By Harriet P. Gross
Ah, Thanksgiving! A holiday for us all!
Some say that we Jews originated Thanksgiving, long before Pilgrims and Indians. Isn’t Sukkot, with its homage to fall hospitality, the prototype of what’s now considered a classic American celebration?
But every people, every culture, every faith, has a Thanksgiving of its own. Try this bit from Buddha:
“Let us rise up and be thankful, for if we didn’t learn a lot today, at least we learned a little, and if we didn’t learn a little, at least we didn’t get sick, and if we got sick, at least we didn’t die, so let us all be thankful.”
Well, that’s kind of a minimalist Thanksgiving. Not to belittle or make light of Buddha, but I think we can do at least somewhat better than this, can’t we?
Maybe Thanksgiving is a man’s holiday, since the guys get to laze around, drinking beer and watching football, while the women are whisking around the kitchen, getting the feast ready for the table. Or maybe Thanksgiving is a woman’s holiday, since stuffing a turkey in thankful testimony to those Indians is better than sitting in front of the TV and watching a bunch of Cowboys. Or perhaps, in these days of extreme political correctness, the men will leave their flat-screen long enough to deep-fry a turkey in the backyard.
Well — let’s think about that turkey for a minute. Or a couple of turkeys. The great comedienne Gracie Allen had this recipe for her Thanksgiving bird: “One large turkey. One small turkey. Take the two turkeys and put them in the oven. When the little one burns, the big one is done.” That was probably the prototype of a much later “recipe” that called for stuffing a turkey with unpopped popcorn and waiting for the firecracker results.
Remember Julia Child? I recently visited her kitchen, now on display in Washington, D.C.’s Smithsonian National Museum of American History. What could be more historic than the famous televised cooking show episode in which she dropped a turkey on the floor while pulling it from the oven, then picked it up, put it on a platter, and called her behind-the-scenes underlings to “take it away and bring in the other bird”? A second turkey waiting in the wings? Sure! (I once had a flying pumpkin pie on Thanksgiving, when I pulled out the oven rack with far too much enthusiasm, but I had to bake another one.)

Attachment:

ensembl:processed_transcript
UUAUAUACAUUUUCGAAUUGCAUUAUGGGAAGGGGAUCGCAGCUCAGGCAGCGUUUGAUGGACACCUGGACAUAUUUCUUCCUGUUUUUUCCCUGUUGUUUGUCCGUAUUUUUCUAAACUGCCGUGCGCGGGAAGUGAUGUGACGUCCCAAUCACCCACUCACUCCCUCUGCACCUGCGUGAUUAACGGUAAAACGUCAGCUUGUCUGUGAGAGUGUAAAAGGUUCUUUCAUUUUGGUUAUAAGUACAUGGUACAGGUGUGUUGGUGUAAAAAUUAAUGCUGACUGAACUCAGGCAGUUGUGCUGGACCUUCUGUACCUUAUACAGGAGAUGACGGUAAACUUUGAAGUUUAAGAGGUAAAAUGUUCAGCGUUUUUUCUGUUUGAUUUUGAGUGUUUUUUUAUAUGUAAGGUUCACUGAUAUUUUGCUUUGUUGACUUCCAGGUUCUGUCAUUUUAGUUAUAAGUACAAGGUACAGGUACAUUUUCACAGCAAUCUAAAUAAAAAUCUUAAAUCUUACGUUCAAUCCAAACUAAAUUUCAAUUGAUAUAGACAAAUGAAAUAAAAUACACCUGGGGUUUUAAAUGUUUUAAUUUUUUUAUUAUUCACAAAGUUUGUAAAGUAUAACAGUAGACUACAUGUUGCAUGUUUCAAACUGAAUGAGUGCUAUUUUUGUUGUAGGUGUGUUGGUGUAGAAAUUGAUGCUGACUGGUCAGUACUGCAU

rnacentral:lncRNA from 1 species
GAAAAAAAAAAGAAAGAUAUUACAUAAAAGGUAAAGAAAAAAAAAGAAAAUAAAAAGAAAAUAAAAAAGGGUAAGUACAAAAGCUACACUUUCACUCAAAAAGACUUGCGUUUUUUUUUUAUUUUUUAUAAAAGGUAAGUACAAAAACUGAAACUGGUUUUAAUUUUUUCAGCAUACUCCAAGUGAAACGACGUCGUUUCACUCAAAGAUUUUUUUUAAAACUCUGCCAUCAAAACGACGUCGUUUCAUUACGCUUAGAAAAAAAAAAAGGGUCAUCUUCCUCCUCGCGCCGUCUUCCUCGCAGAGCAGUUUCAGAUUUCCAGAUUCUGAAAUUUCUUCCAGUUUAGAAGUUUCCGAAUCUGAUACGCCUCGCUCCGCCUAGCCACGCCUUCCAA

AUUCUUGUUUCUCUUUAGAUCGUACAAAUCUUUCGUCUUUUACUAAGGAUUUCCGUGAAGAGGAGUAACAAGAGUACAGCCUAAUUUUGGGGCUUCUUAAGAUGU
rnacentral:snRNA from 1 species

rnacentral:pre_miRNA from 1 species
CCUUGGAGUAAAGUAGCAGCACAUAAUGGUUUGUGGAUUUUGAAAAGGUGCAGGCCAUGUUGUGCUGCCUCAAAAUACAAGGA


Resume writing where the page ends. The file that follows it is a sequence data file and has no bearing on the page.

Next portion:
All this concentration on cooking may be a bit misplaced. The Pilgrims and Indians shared food as a way of giving thanks to God for survival, at least, if not for plenty. They were blessed, they were blessing, they were asking for continued blessings. That’s the spirit I like. That’s why I particularly like this lovely little Thanksgiving piece I found last year in Skirt!, a magazine for women in America’s South, and saved to share with you today:
“Bless the month of November with a turkey in the oven. Bless the penny found on the ground, and the minutes left on the parking meter. Bless the lowly turnip, married to sweet cream butter….
“Bless the sweat on your yoga mat. Bless yesterday’s mistakes before you let them go. Bless canned tomatoes on a frozen winter night. Bless the spatula that flips the egg over easy, so tenderly. Bless the taken-for-granted light in the refrigerator.
“Bless the goose that gives up its down. Bless the bulbs dreaming underground. Bless the lesson learned the hard way. Bless the tooth that didn’t need a filling. Bless every part of the pumpkin, from its toothy Halloween smile to its toasted seeds.
“Bless the extra leaf in the table for being needed. Bless the people who know your name, and the heart’s GPS that finds the road home….”
I treasure an old newsprint clipping of my daughter, dressed up as that quintessential kindergarten Pilgrim — some school function that made the local paper back when she was 5 years old. Now she’s pushing 10 times that, and I have a newer picture in my mind’s eye: She hasn’t traveled the heart’s road to my home for today, nor I to hers, but I can see her in her own kitchen, a thousand miles away, stuffing the holiday turkey for her little family there while I’m baking the pumpkin pie for mine here. She learned a few tricks in my kitchen, like being gentle with the oven rack when the baking’s done.
Bless the loving Thanksgiving telephone call!
By Harriet P. Gross